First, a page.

Hello, Freshman

Incoming students at freshman orientation this summer. Photo courtesy of Jeff McGee, http://mlwgs.com/freshman-orientation-2016/.

Incoming students at freshman orientation this summer. Photo courtesy of Jeff McGee, http://mlwgs.com/freshman-orientation-2016/.

Cole Mier, Opinions Editor

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Hello, freshman. So, you made it into Maggie Walker. Probably feeling pretty proud of yourselves, aren’t you? Got straight A’s in middle school, a perfect score on your entrance exam, and got all of your syllabi signed so those PowerSchool grades say “100%.” Does any of that ring a bell for you? I remember being like you- young, naïve, and still barely into puberty. Well, things change. In the upcoming weeks, as teachers begin to add more and more to your workload, you will start to get lectures from the faculty, administration, and even guest speakers on how to study efficiently and not become stressed. Let me save you some time and sum up all of these long lectures in two key points: flash cards and deep breathing. As PE teacher Mike Brown said to me on the first day of freshman year, “If the school really wanted to lessen stress in kids, they’d give less homework.” Unfortunately, that is not the world we live in. But do not fret, young children, for there is still hope! I have compiled five key tips to make survival at this school as a ninth grade student bearable.

  1. Do not stress about homecoming. Let’s get the easiest one out of the way first. So, homecoming is coming up in about a month. While middle school dances were about as fun and as sanitary as the indoor playground at a McDonald’s, homecoming will be different. It will be a magical evening with a very special girl or boy that you might even slow dance with. Except it won’t be. None of you know each other because there has only been one month of school, so bring those expectations down! Here is what you should do: ask a nice and pretty girl or boy that you have a lot of classes with to the dance, use a pun, candy, or possibly both along with an Instagram worthy poster while asking, and then just go and try to have as much fun as possible. Go in with mindset that it is not a big deal, and you will end up having a good time.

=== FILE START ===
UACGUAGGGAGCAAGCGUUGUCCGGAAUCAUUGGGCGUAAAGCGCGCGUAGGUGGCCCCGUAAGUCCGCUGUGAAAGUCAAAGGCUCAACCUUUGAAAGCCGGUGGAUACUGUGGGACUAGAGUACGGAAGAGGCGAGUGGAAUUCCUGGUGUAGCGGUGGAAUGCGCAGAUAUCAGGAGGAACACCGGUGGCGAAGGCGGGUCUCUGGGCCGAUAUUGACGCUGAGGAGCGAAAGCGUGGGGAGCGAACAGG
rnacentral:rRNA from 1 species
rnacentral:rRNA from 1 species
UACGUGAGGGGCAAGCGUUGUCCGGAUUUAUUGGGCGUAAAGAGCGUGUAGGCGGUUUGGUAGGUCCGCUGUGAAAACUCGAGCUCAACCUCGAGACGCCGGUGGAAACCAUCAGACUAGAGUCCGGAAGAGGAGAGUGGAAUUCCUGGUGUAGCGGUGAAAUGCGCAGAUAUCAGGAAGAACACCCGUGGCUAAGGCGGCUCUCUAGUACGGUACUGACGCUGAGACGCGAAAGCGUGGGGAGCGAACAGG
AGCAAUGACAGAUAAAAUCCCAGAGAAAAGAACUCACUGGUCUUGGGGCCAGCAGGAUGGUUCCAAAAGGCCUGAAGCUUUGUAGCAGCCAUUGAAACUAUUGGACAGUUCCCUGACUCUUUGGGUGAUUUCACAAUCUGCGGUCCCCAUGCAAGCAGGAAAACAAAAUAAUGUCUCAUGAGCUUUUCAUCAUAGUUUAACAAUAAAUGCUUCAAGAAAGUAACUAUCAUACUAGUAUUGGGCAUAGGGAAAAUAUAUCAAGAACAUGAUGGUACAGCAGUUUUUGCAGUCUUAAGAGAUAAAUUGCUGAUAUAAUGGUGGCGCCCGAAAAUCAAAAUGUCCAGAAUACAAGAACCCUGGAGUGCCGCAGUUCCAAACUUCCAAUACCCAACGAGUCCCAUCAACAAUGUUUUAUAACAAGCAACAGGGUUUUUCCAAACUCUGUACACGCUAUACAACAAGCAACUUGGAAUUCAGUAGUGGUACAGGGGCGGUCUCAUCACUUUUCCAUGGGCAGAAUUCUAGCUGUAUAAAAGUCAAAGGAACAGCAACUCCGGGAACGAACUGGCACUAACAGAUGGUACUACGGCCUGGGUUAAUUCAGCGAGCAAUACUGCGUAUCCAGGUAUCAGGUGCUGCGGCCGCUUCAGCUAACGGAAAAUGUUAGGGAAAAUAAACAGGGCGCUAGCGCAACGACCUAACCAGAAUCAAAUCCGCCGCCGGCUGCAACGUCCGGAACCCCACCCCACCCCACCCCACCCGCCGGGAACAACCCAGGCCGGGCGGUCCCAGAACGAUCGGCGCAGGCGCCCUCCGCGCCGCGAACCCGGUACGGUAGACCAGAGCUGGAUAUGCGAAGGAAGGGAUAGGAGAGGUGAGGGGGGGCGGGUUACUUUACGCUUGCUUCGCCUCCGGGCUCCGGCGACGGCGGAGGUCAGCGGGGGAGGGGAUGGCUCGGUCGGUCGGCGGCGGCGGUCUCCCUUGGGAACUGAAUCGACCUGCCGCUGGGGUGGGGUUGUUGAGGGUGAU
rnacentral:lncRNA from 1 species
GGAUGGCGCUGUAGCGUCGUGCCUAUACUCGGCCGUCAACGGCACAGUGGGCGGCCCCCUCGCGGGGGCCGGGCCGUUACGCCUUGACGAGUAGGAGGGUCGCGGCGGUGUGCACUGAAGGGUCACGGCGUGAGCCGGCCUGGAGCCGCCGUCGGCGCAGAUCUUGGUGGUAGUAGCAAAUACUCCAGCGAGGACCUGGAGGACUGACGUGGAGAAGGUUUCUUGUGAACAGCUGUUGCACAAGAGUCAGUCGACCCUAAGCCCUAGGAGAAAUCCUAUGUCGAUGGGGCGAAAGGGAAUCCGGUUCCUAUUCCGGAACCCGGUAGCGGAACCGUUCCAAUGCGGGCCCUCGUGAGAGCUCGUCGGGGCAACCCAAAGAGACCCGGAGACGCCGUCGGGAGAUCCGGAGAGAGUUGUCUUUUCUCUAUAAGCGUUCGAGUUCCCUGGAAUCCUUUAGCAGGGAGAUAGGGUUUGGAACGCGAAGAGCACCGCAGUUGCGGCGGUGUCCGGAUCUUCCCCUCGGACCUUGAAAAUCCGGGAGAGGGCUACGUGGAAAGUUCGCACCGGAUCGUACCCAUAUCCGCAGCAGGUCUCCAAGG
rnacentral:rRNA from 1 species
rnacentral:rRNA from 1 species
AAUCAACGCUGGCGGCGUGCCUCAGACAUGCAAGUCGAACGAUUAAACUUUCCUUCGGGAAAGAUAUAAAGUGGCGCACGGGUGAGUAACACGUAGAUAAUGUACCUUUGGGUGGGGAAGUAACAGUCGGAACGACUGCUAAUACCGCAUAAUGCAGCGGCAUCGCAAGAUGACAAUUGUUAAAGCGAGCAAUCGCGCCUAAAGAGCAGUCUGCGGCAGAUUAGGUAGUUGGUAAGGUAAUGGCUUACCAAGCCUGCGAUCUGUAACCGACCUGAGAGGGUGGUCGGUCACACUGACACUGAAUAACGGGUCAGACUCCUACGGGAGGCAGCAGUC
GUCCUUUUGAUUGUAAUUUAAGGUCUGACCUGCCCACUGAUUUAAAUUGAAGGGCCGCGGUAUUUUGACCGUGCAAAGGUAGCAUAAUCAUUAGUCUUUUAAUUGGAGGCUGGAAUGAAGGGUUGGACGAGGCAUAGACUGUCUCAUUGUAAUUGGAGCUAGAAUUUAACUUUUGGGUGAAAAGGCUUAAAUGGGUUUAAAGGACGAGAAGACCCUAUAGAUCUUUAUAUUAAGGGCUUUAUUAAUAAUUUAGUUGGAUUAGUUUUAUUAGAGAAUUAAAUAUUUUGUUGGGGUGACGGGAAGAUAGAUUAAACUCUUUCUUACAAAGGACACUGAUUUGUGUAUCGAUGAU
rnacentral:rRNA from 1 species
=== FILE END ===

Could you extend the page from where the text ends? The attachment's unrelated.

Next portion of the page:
2. Do homework the night it is assigned. Wait, wait, wait! Before you stop reading and think, “look at this try-hard with no life,” hear me out. First of all, I know only about 20 percent of you will actually follow this advice, but it is a real lifesaver. While I am all for procrastinating via food and Netflix, doing homework immediately rather than the day before it is due will remove the impending dread that will follow you around until 11 o’clock at night, when I am in bed asleep and you are still up doing your vocab. This is especially true of Thursday nights, where all of the work assigned and various quizzes the next day pile up to create a monster of stress, tears, and notebook paper. Do your homework kids, and just get it over with.
  3. Embrace the weird. As you have probably already noticed, a lot of strange clubs, classes, and people inhabit this school. This school is essentially San Diego Comic Con, but all year long. And it is amazing. Let me give you an example of the peculiar nature of this fine educational establishment. On the first day of school last year, Ms. Surat gave each one of her freshman students a marble to hold onto along with the phrase, “Don’t lose your marbles.” There are two ways of responding to something like this. You either cautiously take the marble, place it in your pocket, and immediately forget it was even there, or, you think “Oh my goodness, that is the coolest pun ever!!!!” If you walk through this school judging the silly and strange instead of partaking in it, your experience will be significantly less enjoyable.
  4. Expand your friend group. Eventually, cliques will be formed. It is inevitable. In every school in America, probably the whole world, the kids will eventually separate into smaller groups. Even the earliest homo sapiens partook in this activity. Please do not stress about this. By the time the Lock-in ends, I promise all of you will have found a close-knit group of friends. My recommendation on this front is to not be too close-knit. If you end up with four or five really great friends, that is awesome. But always be on the look out for the sixth addition to your group, and then the seventh, and the eighth. If you never expand the horizons of your friendships, your opportunities for legendary experiences and new perspectives will diminish.
  5. Maggie Walker freshman year is not actually that bad. This is probably the most important piece of advice to remember. Sure, Biology will be difficult for most and some Global Studies tests will cover a lot of material, but as long as you have the right frame of mind, it is all manageable. You should never have to pull an all-nighter for any class this year. While your future workload will be intense, especially in comparison to your middle school years, keep in mind that all of you deserve to be here. You are capable, intelligent, and strong willed. Go into every assignment with a mindset of “I will succeed,” and you most likely will.
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Hello, Freshman